When I was young I used to see magnificent pictures in my father’s geographical magazine about far away countries and forgotten tribes. I tried to copy these pictures but was snubbed by grown-ups who thought my artwork very basic and unrealistic. My drawings were relegated to the bin or filed in dusty drawers in far flung rooms that were never used.
So instead of following my artistic leanings I chose another profession and became a botanist. My profession took me all over the world looking at strange plants in exotic locations as I garnered a reputation as a lover of indigenous species and a bastion of anything alien and invasive within these ecosystems that I cherished.
So I lived my life pretty much alone, without anybody who I really talked to, until I had an accident with my car on the edge of Oldham some six years ago. Something was broken in my engine and nothing I could do would get the car to move. I had no AA membership and no mobile phone and so set myself the task of attempting some kind of repair all on my own. It was pretty much a question of life or death for me as this was a rough area and when darkness fell, anything could happen and probably would.
That first night as darkness fell I fell asleep on the cars reclined seat I felt more isolated than when in any of the far flung countries that I had visited. I felt like a shipwrecked sailor adrift on a raft in the middle of the ocean. Thus you can imagine my amazement – at sunrise, when I was awakened by an odd little voice that said:
“If you please – can you draw me up a method statement”
I jumped out of the car completely shocked. I blinked my eyes hard, looked carefully all around me and finally saw an extraordinarily small person who stood there examining me with great seriousness.
…the little Lord seemed very confident in these most dangerous of locations – nothing about him gave any indication that he was at all uncomfortable.
“If you please – can you do me a risk assessment and method statement?”
When at last I was able to speak, I said to him:
“…but what are you doing here?”
In answer he repeated his question, very slowly as if talking about a matter of great consequence –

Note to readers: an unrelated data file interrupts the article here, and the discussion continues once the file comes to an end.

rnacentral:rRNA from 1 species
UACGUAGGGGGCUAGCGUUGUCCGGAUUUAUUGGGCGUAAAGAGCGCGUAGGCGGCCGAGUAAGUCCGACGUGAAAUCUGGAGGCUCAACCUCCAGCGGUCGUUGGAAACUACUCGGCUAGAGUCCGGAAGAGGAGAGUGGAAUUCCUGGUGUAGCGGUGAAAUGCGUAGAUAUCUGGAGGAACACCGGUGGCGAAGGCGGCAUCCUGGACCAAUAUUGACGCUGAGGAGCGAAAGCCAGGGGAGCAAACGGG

“..if you please – a strategy document with method statement attached?”
Absurd as it may seem, miles away from home and in danger of robbery or death, I took out of my pocket a sheet of paper and my fountain pen and began to write. But then I remembered how my studies had been based on plants and plant invasions, alien species ….so I told the little chap my skills lay in a different direction.
“That is exactly what I require” he answered,
We talked more and more and gradually I learned, little by little everything that was required of me.
The first time he saw my car he asked me,
“What is that object?”
“That is not an object, it drives, it is a car, it is my car”.
And I was proud to have him learn that I could drive.
“What? You drove over from Glossop?”
“Yes – I answered modestly”
“Oh that is funny!”
And the little Lord broke into a peel of laughter.
“You have come so very far, yet you have arrived in an area with just as many problems as that from which you came!”.
You can imagine how my curiosity was aroused by his confidence in the ‘many problems’ that Glossop had – and made a great effort to find out more about this subject.
“What do you want your method statement and risk assessment to cover” I asked.
He waved his hands in a covering gesture, and with a hint of sadness he proclaimed – “all of this, everything ahead and around, all that you can see that should not be here”…
At this comment I began to look a little closer around my location.
What had appeared at first green and lush now appeared foreign and alien. Bamboo like arching stems shot in all directions and where light penetrated the thick foliage a purple flowered soft herb grew in abundance. Above all towered a mighty giant looking down on its surroundings with disdain.
Why had I not seen this before? So engrossed was I in my own misfortunes I had missed the fact that the very landscape that I had taken for granted was in fact under siege from plant and animal invaders stealthily reaping the rewards of the ignorance of its neighbors.
As each hour passed I would learn a little more about the little lord’s home. The information would come very slowly as it might chance to fall from his thoughts. It was in this way that heard about the catastrophe of the knotweeds.
“Is it true that goats eat little knotweed plants”
“Yes – it is true”
“Ah I am glad!”
“Then it also follows that they eat balsam and hogweed?”
I pointed out to the little Lord that the knotweed in his land were not ‘little’ but on the contrary – were as big as houses – and even if he took a heard of elephants to site they would not eat a single stand.
The idea of a heard of elephants made the little Lord laugh – but then he made a wise comment:
“Before they grow so big, the knotweeds start out by being little”
“That is strictly correct” I said “but why do you want the goats to eat the little knotweed plants?”
He answered me at once.
“TO SAVE MY PLANET OF COURSE”
Mike C – with thanks to Antoine de saint Exupery